Increasing efficiency of agricultural water use

Increasing efficiency of crop water use
Developing long-term strategies for agricultural use of scarce water resources
Agriculture is the world's biggest water consumer, accounting for about two-thirds of global freshwater use. Yet studies show that only around 30 to 40% of the water used actually reaches crops. This translates into a gross wastage of water, particularly at a time when competition for water resources is rising sharply as a result of rapid population growth and non-agricultural global development. In addition, excess water use in agricultural irrigation can lead to salinization, alkalization, waterlogging, and desertification of the soil, rendering the land useless for agricultural purposes. In order to reduce water scarcity and problems of water over-application, water efficient methods and technology in agricultural activities are required.

This strategy features in the framework of Agenda 21 as formulated at UNCED (Rio de Janeiro, 1992), now coordinated by the United Nations Commission on Sustainable Development and implemented through national and local authorities. Agenda 21 recommends increased efficiency and productivity in agricultural water use for better utilization of limited water resources. It also recommends developing long-term strategies and practical implementation programmes for agricultural water use under scarcity conditions with competing demands for water.

In 1993, the UN Food and Agriculture Organization (FAO) completed two computer programmes to help increase the efficiency of water use in agriculture. AQUASTAT is a global database on water use in rural development, aiming to improve water management by gathering and disseminating information on irrigation, water drainage, environmental impact of water resources development and water balance in rural areas worldwide. In 1993, AQUASTAT underwent a pilot phase involving tests in five countries around the world, after which the fine-tuned and completed computer programme was set up. SIMIS (Scheme Irrigation Management Information System) is designed to help reduce water losses in irrigation. SIMIS features include: programming for adaptability to diverse local situations by use of independent modules covering a range of irrigation management topics; processing information on one or several projects, making rapid and precise calculations to assess needs possibilities; streamlining routine activities. SIMIS has been used in pilot phases, trial periods and training workshops in various countries.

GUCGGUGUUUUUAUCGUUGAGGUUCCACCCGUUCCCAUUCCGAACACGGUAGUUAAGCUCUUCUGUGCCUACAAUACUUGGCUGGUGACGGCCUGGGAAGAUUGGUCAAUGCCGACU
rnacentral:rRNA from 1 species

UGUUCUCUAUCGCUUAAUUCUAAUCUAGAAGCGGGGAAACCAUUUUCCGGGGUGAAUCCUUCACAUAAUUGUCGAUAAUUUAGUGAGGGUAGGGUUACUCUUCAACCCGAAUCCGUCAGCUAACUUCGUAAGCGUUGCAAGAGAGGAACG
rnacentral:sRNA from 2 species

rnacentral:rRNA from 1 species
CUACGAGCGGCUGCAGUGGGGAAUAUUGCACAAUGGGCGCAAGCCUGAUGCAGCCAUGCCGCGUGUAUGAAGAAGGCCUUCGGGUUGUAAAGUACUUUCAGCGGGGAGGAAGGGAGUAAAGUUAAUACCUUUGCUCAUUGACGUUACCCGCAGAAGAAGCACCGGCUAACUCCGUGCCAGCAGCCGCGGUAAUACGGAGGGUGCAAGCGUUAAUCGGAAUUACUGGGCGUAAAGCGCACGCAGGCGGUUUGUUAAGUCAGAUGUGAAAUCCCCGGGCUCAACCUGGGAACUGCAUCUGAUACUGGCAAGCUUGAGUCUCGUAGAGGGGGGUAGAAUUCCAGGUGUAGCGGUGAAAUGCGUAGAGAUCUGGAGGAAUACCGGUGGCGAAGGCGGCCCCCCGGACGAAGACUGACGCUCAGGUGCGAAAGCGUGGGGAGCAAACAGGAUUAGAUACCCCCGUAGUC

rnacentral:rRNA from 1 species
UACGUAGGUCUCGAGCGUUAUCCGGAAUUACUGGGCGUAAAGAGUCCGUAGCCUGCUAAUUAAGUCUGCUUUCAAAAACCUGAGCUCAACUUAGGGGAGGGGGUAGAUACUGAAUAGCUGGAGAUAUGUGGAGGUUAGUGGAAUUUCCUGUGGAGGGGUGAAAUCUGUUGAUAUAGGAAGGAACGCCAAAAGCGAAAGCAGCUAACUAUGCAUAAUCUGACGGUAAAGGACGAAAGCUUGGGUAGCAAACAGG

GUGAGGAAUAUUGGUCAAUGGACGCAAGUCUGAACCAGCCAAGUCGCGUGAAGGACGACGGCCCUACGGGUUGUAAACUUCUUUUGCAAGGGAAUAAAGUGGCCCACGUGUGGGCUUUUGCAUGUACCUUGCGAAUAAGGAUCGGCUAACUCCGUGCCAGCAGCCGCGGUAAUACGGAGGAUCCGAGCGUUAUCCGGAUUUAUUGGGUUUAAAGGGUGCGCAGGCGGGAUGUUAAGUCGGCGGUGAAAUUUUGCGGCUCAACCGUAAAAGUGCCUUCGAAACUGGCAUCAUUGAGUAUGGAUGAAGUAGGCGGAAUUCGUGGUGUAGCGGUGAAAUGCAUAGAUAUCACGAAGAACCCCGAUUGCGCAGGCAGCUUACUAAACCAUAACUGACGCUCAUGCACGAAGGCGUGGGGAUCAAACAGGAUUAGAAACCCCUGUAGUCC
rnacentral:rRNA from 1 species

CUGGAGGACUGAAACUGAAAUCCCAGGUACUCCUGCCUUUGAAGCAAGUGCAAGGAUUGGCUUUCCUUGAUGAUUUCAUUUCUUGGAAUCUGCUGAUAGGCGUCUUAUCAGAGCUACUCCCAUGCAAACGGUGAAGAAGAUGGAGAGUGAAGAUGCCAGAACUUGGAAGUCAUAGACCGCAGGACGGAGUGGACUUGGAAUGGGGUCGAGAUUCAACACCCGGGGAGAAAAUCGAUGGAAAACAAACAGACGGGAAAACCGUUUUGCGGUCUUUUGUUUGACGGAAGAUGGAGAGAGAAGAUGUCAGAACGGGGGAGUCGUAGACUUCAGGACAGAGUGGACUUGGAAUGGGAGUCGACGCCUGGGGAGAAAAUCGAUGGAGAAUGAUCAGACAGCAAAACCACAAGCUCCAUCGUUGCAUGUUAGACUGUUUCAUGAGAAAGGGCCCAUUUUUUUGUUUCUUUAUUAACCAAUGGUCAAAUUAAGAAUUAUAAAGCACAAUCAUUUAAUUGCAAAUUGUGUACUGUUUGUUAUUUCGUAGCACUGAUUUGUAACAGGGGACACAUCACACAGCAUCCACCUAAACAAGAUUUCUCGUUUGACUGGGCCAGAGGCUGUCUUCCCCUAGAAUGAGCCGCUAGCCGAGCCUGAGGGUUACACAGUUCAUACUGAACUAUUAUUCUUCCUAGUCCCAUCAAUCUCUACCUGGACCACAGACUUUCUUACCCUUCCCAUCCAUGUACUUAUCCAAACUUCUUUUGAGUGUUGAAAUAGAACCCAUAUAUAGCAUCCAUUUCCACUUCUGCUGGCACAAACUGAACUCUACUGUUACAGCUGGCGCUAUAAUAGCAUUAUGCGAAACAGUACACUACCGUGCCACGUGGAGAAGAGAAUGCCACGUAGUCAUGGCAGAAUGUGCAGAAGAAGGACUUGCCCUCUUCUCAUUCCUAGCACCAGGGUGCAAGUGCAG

Intercropping can increase the efficiency of water use by crops when they are growing together. At Machakos, Kenya a pure maize crop utilizes only 30% of the available rainfall, while a maize-leucaena system utilizes 76%.

Novartis Seeds has a programme to develop water-efficient and salt-tolerant crops, including genetically engineered varieties of wheat. Researchers in Mexico have announced the development of drought-resistant corn that can boost yields by a third. Biotechnologists are converting annual crops into perennial ones, eliminating the need for yearly planting.

There are vast opportunities for increasing water efficiency in arid regions, ranging from installing better water-delivery systems to planting drought-resistant crops. Scientists can help push back the physical frontiers of cropping by developing varieties that are more drought resistant, salt tolerant, and early maturing. The payoff on the first two could be particularly high.
Counter Claim:
Producing a ton of grain consumes a thousand tons of water -- that is the amount transpired by the wheat as it grows. It is estimated that biotechnology might cut the amount of water a plant uses by ten percent But plant physiologists think this is optimistic because water is such an important part of photosynthesis. They suggest that perhaps the improvement is a mere five percent.
Constrained by:
Growing cash crops
Type Classification:
C: Cross-sectoral strategies